Textiles Flashcards

Wales
Terms Definitions
scientific testing (method) involves what steps?
1.Record
2. Report
3. Explain
4. Apply Knowledge
when product development teams look to forecast info regarding textiles which data sources included in research process?
customer behavior
trade shows
services such as stylesight
retail store analysis
trend forecasting for fibers and textiles takes place how long before product available?
18-24 months
a textile product could have been worked in several countries before making it to your closet?
true
define serviceability
describes the measure of a textiles ability to meet consumers' needs.
understand consumer market and target market
aesthetics
attractiveness or appearance of a textile product
durability
manner in which a product withstands use, length of time product suitable for its use purchased for
comfort
the way it affects heat, air, moisture transfer, how body interacts with textile
safety
a textiles ability to protect the body from harm
appearance retention
how the product maintains its original appearance during use and care
care
treatment required to maintain a textiles products original appearance and cleanliness
environmental concerns
the effect of production, use, or disposal of a textile has on the environment
sustainability and life cycle impact
practices and policies that reduce environmental pollution and how product effects people environment involved now and in future
cost
amount paid to acquire, use, maintain, and dispose of a product
fibers that come from seed of a plant
cotton
kapok
choir
milkweed sometimes
fibers that come from bast of plant
flax
hemp
ramie
jute
kenaf
hibiscus
nettle
bamboo
milkweed sometimes
fibers that come from leaf of plant
pina
sisal
henequen
abaca
staple fibers
short fibers measured in inches or centimeters.
range in length from less than 2 to 26 cm (0.5-18 inches)
staple fibers
silk is the only fiber not available in
staple form
filament fibers
are long, continuous fiber strands of indefinite length.
measured in miles or kilometers.
monofilament
one filament
mulitfilament
multiple filaments
filaments may be
smooth or bulked (crimped in some way)
smooth filaments used to
produce silk like fabrics
bulked filaments may be used to
produce cotton like or wool like fabrics
filament tow
produced as loose rope of several thousand fibers, is crimped or textured and cut to staple length
all cellulosic fibers contain
carbon, hydrogen, and oxygen
basic monomer of cellulosic fibers is
glucose
performance
encompasses everything from textile to sewn product and details.
fabric
construction
details
fabric quality is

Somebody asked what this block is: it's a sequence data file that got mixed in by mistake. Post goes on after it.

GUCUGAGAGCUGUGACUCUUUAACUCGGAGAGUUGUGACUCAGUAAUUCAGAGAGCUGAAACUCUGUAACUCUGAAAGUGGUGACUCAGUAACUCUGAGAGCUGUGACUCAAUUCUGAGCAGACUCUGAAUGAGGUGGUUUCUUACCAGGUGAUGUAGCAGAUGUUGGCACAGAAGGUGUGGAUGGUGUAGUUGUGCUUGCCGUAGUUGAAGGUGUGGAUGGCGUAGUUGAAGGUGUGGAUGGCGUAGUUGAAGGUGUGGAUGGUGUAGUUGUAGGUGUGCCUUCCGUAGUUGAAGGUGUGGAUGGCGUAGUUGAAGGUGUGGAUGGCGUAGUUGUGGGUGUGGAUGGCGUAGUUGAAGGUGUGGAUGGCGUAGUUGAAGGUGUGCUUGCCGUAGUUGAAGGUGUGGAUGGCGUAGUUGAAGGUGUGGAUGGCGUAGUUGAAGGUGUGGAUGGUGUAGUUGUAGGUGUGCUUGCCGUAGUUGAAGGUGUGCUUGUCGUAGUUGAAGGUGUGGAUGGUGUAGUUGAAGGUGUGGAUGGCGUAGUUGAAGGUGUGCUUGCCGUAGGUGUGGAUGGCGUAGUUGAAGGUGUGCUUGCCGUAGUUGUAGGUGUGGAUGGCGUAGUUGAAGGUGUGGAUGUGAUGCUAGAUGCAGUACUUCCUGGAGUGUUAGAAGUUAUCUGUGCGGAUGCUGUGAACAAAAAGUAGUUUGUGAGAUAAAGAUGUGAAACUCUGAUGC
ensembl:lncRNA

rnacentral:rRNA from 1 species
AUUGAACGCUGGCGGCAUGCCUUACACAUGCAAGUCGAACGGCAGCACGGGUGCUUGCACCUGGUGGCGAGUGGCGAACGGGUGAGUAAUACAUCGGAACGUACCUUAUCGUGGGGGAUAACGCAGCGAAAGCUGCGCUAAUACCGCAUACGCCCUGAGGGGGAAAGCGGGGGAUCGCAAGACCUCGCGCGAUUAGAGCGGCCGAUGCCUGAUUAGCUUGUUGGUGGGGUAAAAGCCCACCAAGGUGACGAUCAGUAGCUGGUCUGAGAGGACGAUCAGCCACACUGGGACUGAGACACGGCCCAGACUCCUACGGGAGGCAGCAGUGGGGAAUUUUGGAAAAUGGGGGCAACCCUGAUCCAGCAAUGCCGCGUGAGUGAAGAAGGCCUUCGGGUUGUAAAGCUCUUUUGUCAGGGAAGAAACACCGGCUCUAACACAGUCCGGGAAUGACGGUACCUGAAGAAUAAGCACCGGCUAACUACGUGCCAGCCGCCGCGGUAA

only one component of product quality
standards
don't tell how to get good quality
general guidelines
specifications
how to meet specifics, etc
globalization
refers to companies purchasing from and/or selling to multiple sites in the world
specification companies
ASTM
ATCC
ACT
ISO
CEN
GOTS
polymer
monomers that join together to form a chain
foundation fro understanding textiles
science
polymerization
little molecules make a chain and when chains mix, properties change
homopolymer
multiple repeat units of a single monomer
ex: Nylon 6
copolymer
two or more types of monomers
ex: Wool
orientation of chains
amorphous
cyrstalline
oriented
amorphous
packages go separate all over, random, disorganized
cyrstalline
arranged in little packages, organized parallel to each other
oriented
go in same direction, high degree of orientation
fibers that are highly oriented are also
highly crystalline
highly crystalline not always
highly oriented
stretching or drawing
increases orientation and crystallinity
affects fiber's diameter
molecular chains are held close to one another by
inter molecular forces
those intermolcular forces are called
hydrogen bonds and van der waals forces
cross sectional view
inside of fiber
fiber cut in half
longitudinal view
the fiber full
denier
weight in grams of 9000 meters of fiber or yarn.
refers to the fineness (small number) or coarseness (large numbers) of the fiber
tex
weight in grams of 1000 meters of fiber or yarn
staple fiber sold by
denier and fiber length
filament fiber sold by
denier of yarn or tow
denier per filament
way of identifying fiber size
calculated by dividing yarn size by number of filaments
fiber crimp
usually found in nature
i.e. wool
can be synthesized
aesthetic characteritcs
drape
hand/body
luster
texture
amorphous fibers drape
softly
oriented fibers drape
stiffly
durability characteristics
abrasion resistance
flexibility
pilling
tenacity
cohesiveness
elongation potential
comfort and safety characteristcs
absorbency
electrical conductivity
wicking
dyeability
heat retention
heat conductivity
flammability
density
allergenic potential
hydrophobic
low attraction of water
hydrophilic
high attraction of water
hygroscopic
attraction of water but feels dry
oleophilic
High attraction of oil
appearance retention characteristics
resiliency
dimensional stability/ shrinkage resistance
elasticity or elastic recovery
care
aging resistance
environmental concerns characteristics
social justice
sustainability
cradle to cradle concept
generic fiber names
assigned by government or popular culture
trademark fiber names
assigned by company or brand